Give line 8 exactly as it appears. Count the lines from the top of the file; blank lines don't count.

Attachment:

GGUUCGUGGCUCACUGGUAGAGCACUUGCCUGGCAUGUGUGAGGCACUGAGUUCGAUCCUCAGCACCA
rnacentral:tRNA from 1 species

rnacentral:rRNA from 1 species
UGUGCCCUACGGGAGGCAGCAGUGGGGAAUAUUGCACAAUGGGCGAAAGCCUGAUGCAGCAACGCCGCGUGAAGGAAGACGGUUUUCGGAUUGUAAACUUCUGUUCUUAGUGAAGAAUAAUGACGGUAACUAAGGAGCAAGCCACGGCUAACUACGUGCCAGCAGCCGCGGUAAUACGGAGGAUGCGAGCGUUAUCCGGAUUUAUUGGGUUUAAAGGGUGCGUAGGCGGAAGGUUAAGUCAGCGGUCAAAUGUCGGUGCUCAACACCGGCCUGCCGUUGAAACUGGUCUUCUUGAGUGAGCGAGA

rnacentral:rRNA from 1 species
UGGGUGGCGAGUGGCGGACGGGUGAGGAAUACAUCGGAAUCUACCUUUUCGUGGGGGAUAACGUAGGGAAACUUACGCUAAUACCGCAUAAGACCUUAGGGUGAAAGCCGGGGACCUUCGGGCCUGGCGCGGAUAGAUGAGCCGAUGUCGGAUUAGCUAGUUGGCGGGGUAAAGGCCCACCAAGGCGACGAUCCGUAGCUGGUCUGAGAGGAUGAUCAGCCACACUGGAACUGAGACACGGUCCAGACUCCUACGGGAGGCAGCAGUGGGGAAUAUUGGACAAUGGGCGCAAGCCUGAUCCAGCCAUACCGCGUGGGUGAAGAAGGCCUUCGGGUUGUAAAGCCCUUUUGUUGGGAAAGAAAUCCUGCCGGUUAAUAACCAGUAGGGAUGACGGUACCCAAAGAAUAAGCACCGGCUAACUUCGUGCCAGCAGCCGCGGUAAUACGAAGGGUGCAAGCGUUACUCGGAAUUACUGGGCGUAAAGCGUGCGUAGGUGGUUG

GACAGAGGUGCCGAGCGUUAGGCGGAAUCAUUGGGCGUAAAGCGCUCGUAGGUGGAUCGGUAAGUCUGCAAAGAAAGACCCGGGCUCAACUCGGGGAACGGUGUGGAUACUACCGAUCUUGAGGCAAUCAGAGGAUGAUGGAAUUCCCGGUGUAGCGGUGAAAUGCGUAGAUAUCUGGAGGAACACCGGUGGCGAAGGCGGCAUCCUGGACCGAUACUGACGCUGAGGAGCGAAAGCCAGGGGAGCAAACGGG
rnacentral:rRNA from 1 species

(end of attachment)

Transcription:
rnacentral:rRNA from 1 species